1. umami theme
3. shawerma ramble
4. day (solresol)
5. 676 steps
6. mesmer’s monkey
8. spooky strut (evp)
9. bahia sloth
10. tunguska blues
11. moonroof ride
12. mormyrid bubble
13. strowger running
“At first, it seems the most amazing thing about Umami is its sound. The album’s packaging is about as homemade as you can get, and its recording and production were done in a home studio, so it should be a foregone conclusion that Umami will sound, at best, amateurish.
Apparently no one took the time to pass this message along to Rob DeNunzio — or if he was informed, he seems to have completely disregarded the notice. Rather than being buried under layers of sludge (a fatal flaw for most albums, and for electronic music in particular), Umami’s sound is clear and crisp, rivaling the work of established artists with loads more money and the best technology that money can buy.
As countless major label acts have proven over the years, good production means nothing if it serves only to reveal an album’s utter lack of inspiration. Such is not the case with Umami. Each listen reveals new layers of sound, suggesting that DeNunzio is one of those rare talents who can squeeze top-notch sounds out of low-end equipment. For example, take album opener “Umami Theme”, which crackles with the burgeoning energy of an orchestra warming up. Modern technology certainly allows bedroom producers to sound like they’re working with a lot more than they actually have, but you can’t download extra inspiration. DeNunzio has it in spades; it’s hard to listen to “Umami Theme” and not be impressed with the sheer expansive scale of its sound.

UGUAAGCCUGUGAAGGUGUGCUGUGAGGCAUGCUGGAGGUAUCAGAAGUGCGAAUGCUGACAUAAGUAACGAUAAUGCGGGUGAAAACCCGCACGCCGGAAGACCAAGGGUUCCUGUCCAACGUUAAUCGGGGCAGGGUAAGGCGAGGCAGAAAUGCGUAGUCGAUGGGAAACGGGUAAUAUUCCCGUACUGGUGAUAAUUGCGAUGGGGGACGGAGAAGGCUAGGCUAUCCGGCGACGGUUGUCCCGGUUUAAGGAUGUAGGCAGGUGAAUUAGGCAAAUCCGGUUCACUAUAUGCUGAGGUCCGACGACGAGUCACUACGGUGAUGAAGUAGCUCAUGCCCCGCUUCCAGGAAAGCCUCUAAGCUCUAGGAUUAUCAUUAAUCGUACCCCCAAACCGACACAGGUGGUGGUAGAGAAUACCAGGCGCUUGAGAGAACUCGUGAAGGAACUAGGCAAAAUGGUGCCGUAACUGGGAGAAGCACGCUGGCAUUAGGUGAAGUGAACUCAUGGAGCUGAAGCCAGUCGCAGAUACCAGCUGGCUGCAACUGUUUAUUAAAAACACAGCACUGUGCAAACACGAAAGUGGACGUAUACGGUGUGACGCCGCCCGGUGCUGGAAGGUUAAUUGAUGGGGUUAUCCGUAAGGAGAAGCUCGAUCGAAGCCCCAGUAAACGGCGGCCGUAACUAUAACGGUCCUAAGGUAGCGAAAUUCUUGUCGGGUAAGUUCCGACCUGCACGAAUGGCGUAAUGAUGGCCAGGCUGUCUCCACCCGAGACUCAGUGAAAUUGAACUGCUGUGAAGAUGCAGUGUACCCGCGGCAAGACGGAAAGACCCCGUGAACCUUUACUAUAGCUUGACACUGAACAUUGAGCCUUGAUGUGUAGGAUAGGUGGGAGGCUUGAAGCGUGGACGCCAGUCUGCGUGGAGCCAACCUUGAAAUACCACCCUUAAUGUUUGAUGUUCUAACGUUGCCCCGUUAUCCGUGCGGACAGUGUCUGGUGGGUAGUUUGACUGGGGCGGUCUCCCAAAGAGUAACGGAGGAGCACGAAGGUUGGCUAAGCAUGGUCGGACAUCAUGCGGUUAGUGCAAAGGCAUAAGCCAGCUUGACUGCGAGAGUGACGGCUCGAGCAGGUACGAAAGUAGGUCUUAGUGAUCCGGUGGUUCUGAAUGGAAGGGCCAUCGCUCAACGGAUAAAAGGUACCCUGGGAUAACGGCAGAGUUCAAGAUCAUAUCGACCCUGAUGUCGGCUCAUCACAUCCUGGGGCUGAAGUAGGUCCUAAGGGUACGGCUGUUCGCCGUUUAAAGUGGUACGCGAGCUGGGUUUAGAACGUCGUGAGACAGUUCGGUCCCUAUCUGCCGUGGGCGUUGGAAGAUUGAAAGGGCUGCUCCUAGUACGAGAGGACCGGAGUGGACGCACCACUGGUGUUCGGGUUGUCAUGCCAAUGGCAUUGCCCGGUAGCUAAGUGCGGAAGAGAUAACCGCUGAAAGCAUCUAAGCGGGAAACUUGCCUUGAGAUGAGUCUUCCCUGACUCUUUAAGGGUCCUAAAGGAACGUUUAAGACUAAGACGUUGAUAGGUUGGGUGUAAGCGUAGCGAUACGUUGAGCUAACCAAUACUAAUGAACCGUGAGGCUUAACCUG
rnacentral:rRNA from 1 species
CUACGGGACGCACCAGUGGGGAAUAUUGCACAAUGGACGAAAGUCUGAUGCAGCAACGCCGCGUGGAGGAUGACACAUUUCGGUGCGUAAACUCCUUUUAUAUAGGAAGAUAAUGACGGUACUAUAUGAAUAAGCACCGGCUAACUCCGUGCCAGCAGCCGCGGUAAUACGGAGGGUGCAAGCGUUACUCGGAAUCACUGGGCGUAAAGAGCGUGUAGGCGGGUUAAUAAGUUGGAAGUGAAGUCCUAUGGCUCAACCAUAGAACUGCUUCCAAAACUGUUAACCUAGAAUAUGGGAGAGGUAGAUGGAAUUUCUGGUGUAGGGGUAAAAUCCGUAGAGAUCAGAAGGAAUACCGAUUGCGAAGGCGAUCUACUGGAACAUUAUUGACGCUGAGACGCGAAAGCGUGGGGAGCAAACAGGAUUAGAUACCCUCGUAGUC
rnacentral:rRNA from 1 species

The music is insidious; each song hooks you with an intriguing introduction, then reels you into its luxuriantly rich soundscape. There’s the jazzy “Mudluscious”, the Middle Eastern-tinged duo of “676 Steps” and “Mesmer’s Monkey”, the creepy vibe of “Spooky Strut (EVP)”; in each case, DeNunzio quickly creates specific, compelling ambience, and the listener is powerless to resist its charms.
Umami is engaging, intimate and danceable, and will sound as good on your home stereo as on a booming nightclub sound system. In fact, once larger audiences discover Umami, DeNunzio will undoubtedly find his way into the electronic music mainstream. Here’s hoping that he retains his inventive edge long after his “no-budget” days are over.”
— Matthew Pollesel, Splendid Magazine